Pugs, in fact, are one of several breeds now prohibited on many airlines because of their natural vulnerability to respiratory stresses. They are among the brachycephalic dogs and cats, commonly called snub-nosed, or pug-nosed. Brachycephaly is considered a disorder in humans and many other species, while for a number of dog breeds, the condition is a natural variation. In addition to pugs, boxers, English bulldogs, American pitbull terriers, chow chows and about a dozen other breeds are brachycephalic. At least four cat breeds—Burmese, Persian, Himalayan and exotic short-hair—may also be defined as “snub-nosed.” These animals, more frequently than others, may have breathing problems or difficulties when placed in the stressful conditions of an airplane’s cargo hold and face a relatively high risk of in-flight suffocation as a result. Of 189 flight-related animal deaths reported by the Department of Agriculture between June 2005 and June 2011, ninety-eight were brachycephalic breeds, according to The New York Times.
Delta, American, United and many other companies have strict regulations regarding brachycephalic cats and dogs on their flights. A company called Pet Airways launched in 2009 to cater to pet owners, and about a quarter of the airline’s animal passengers were snub-nosed breeds. Pet Airways did not last long, however. The company, which received some poor customer reviews on Yelp, was showing signs of financial distress by early 2012, according to the New York Times. The company has since ceased operations.
Owners of non-pug-nosed breeds should not be caught off guard. In February 2011, a 3-year-old Labrador retriever reportedly arrived safe and sound an hour past midnight in Singapore on Delta Flight 281. The dog was placed in a baggage storage area, was reported to be in good condition at 5:35 a.m. but was found motionless in its cage at 6:20 a.m. In late July of 2011, a 6-year-old yellow Lab died while in the cargo hold of a Delta flight from Pensacola to Baltimore, with a stop in Atlanta. On the second leg of the journey, the aircraft was delayed for hours in Atlanta and was eventually cancelled entirely. The dog was later found dead in its kennel. A year later, in September 2012, a 2-year-old golden retriever named Beatrice died of heatstroke on a United Airlines flight from New York City to San Francisco. The dog’s owner, supermodel Maggie Rizer, wrote on a blog that the airline acted with dishonesty and callousness after the dog’s death—though the airline reportedly refunded the $1,800 that Rizer paid for Beatrice’s travel. Still other animals bite or chew themselves bloody, presumably unnerved by the stresses of travel. Still others have been lost entirely—like two cats in 2011 whose kennels were discovered open and vacated upon arrival at their destinations. Neither has been reported found.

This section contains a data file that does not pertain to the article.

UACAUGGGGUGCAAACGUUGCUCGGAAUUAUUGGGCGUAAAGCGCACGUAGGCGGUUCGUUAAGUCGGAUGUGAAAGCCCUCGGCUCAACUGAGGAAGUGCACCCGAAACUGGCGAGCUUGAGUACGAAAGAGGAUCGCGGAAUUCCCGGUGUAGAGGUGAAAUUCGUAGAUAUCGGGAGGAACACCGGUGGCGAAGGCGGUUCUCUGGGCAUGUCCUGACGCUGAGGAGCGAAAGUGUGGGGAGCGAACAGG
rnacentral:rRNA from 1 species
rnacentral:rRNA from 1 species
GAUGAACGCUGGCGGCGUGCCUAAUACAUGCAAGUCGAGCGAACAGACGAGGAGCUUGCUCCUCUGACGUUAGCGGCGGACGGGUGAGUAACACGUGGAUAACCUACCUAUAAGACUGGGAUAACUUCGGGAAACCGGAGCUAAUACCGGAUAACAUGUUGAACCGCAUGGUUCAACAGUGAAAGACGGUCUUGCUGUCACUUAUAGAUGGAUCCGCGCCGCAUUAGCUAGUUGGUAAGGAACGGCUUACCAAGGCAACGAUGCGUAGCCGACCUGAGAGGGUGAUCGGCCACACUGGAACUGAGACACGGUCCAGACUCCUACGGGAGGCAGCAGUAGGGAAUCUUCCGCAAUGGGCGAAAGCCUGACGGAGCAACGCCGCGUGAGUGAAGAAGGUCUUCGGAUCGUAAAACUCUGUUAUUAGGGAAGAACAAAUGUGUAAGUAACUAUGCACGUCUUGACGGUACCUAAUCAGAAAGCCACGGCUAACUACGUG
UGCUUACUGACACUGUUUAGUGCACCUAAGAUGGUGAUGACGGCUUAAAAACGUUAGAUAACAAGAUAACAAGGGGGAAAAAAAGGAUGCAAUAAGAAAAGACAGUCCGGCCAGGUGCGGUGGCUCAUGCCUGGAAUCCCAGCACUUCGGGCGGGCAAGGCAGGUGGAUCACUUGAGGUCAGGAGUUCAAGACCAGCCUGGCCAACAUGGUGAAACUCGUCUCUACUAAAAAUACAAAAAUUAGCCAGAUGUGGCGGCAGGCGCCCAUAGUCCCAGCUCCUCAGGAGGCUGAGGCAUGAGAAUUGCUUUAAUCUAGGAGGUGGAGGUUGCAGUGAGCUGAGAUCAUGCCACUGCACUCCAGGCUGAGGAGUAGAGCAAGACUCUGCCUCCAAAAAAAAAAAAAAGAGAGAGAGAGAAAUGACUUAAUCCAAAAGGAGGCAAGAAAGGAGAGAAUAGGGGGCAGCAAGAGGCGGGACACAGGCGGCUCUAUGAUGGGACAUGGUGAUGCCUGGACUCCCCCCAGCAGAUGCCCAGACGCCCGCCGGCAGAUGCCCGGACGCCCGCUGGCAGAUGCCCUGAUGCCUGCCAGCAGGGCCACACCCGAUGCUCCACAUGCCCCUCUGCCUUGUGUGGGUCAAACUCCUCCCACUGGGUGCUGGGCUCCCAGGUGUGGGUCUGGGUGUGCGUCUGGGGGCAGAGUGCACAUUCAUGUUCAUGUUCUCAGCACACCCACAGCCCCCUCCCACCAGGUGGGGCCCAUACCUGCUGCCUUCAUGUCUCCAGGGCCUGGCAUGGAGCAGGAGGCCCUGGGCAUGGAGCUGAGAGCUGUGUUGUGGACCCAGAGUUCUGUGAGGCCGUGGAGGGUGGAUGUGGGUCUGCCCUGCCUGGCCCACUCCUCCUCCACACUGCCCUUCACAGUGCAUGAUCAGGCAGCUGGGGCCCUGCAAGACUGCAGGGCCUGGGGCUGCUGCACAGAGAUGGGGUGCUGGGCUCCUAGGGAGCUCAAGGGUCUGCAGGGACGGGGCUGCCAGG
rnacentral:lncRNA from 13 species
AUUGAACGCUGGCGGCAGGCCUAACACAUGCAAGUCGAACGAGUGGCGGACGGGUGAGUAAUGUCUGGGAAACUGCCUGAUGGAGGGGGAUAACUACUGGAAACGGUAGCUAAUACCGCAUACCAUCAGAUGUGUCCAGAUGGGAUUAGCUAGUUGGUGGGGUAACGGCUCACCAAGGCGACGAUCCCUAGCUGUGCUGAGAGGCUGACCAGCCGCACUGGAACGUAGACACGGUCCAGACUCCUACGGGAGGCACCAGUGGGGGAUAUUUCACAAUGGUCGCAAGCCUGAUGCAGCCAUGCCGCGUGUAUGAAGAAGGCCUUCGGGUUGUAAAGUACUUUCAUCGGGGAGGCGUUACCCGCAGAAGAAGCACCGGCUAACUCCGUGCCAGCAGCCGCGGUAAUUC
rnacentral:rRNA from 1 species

Current regulations require that airlines—those based in America, anyway—report all incidents involving animals. But Theisen explains that a troubling loophole excludes from this requirement any animals traveling for commercial purposes. Thus, animals that are injured, lost or killed while in the hands of an airline need not be reported if they were being shipped from a breeder to a retailer, or to a new owner, or to a dog show.
“If your dog is at that moment technically not a pet, then it doesn’t need to be reported if something happens to it,” Theisen explains. She adds that the deaths, injuries and animals missing numbers reported by the Department of Transportation are certainly not comprehensive and that many incidents slip quietly, and legally, under the radar.
Suggestions to Keep Your Pet Safe When Flying
- Visit your veterinarian to be sure your pet is fit to fly.
- Don’t fly your pet during the hot summer months.
- Arrange for direct flights. Transfers increase the chances of delays, which can cause stress to animals contained in the cargo hold, and other mishaps, like a pet being sent to the wrong destination.
- If possible (it depends on the animal’s size), purchase your pet a space in the passenger cabin.
- If you must check your pet into the baggage hold, remind airline staff and baggage handlers that there is a live animal on board to ensure gentle handling. Also ask baggage handlers during your check-in that your pet’s cage be placed in a well-ventilated space, and be sure your pet has water.
- Don’t fly snub-nosed cats or dogs. These animals die on airlines, often of respiratory problems, more frequently than other breeds.
- Leave your pet at home if you will be returning soon, and look forward to a happy reunion of wagging tails and hearty purrs.